He then went on to share how one of these companies is charging the following fees to residents, just to name a few:
Application fee: $75 per person
Animal Registration Fee: $350 each animal
Animal rent: $50 each animal
HVAC filter fee: $15 per month
What’s the point being made? I believe that the landlord is simply pointing out that some of the “big” players in the rental industry are charging fees and they’re charging larger than the amount most mom and pop landlords are charging. And while the idea of charging fees or large fees may not currently be part of your business model, it may be worth considering charging a fee for some of the services that you do provide as long as any fees stay within your state laws.
Curtains for Closet Doors
A landlord shares below what she recently discovered that will add to the overall look of her rentals:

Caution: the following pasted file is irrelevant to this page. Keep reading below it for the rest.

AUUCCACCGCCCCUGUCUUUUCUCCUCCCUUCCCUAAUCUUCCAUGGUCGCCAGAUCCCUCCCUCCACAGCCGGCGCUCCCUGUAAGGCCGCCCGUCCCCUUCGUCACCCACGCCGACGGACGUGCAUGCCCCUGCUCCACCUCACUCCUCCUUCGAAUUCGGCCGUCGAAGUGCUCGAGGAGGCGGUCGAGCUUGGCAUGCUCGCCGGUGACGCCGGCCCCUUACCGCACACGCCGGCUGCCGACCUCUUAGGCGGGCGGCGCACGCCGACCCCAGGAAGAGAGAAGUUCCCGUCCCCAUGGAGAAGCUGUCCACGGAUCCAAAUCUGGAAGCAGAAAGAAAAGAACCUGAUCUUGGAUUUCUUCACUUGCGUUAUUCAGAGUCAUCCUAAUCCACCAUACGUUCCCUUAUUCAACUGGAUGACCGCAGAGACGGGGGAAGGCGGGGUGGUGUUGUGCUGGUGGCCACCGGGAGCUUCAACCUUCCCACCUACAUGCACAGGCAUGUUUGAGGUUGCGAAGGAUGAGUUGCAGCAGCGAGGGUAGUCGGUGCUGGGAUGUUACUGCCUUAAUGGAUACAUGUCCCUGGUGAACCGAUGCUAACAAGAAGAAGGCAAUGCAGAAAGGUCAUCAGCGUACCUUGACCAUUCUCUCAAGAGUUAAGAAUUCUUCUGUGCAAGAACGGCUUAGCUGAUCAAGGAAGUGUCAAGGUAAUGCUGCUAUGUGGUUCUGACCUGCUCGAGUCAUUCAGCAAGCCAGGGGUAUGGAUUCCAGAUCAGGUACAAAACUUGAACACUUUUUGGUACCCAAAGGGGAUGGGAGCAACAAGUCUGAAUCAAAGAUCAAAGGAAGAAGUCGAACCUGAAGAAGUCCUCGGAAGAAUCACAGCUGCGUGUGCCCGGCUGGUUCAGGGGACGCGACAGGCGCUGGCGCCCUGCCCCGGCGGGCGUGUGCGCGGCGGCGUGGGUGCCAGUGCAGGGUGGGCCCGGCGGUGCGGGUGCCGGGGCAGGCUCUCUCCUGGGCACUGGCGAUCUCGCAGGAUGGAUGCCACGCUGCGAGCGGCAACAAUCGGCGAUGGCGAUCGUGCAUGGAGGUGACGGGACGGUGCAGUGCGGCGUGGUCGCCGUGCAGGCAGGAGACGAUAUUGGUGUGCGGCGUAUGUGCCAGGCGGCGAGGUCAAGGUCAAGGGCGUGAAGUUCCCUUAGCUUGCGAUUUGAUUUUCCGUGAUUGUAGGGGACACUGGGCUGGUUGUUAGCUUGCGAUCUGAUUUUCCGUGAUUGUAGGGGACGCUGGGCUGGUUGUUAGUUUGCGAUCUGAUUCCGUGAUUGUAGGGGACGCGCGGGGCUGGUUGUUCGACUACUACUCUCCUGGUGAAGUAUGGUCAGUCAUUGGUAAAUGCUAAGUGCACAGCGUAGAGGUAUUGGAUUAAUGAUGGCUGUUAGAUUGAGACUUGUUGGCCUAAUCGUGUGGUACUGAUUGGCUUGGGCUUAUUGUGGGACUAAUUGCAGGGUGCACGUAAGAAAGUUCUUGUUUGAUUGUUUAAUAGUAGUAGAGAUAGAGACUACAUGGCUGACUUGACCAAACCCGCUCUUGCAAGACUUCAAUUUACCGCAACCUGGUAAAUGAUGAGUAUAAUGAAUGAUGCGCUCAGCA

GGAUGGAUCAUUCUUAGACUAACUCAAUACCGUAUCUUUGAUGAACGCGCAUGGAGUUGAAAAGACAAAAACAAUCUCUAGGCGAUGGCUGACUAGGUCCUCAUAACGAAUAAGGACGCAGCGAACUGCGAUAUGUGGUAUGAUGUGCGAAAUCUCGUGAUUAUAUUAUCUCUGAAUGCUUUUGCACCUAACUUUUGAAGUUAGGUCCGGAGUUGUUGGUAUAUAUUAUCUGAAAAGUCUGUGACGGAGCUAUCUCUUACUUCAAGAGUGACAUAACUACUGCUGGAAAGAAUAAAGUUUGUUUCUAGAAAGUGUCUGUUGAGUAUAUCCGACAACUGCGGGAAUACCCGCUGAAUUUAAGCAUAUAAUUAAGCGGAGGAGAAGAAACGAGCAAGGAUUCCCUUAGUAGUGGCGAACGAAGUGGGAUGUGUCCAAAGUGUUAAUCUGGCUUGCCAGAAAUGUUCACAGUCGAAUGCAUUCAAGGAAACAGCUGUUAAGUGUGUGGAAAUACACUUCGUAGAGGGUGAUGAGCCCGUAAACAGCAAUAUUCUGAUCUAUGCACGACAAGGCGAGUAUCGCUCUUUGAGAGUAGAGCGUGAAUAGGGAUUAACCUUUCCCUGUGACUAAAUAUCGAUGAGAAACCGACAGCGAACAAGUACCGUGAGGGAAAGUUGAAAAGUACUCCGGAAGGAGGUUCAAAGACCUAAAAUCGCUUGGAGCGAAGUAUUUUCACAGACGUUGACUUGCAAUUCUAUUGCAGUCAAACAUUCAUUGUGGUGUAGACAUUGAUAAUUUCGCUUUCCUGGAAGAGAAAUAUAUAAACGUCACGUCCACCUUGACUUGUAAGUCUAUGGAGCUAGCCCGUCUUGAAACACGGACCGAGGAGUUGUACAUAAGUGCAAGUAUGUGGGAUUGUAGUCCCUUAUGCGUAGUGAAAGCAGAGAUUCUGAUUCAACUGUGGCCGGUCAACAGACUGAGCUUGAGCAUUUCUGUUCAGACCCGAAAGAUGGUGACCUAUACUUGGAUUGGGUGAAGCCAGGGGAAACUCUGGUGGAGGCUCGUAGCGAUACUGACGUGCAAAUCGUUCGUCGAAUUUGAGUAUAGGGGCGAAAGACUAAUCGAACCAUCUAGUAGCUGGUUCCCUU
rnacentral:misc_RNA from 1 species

“I hate swinging doors. They take up so much space and we have small places. Bi-folds are also terrible. They’re always getting broken and falling off. Sliding barn doors only work in certain spaces. The same is true for pocket doors.
In our small cottages we have been using curtains on closets for years, but ready-made curtains only come in 63″ or 84″ inch lengths. Shower curtains can be bought in 78″ length but either they look cheap or they are super expensive, and they need hooks which tend to look cheesy too.
Closet door heights are usually 80″. With a tension rod that means about 79″ inches needed for a curtain. The other day, for no good reason I searched 79″ curtains and lo and behold, they do make them. They even say ‘Closet’ in the title! I simply never searched for them before. They were $29 each.”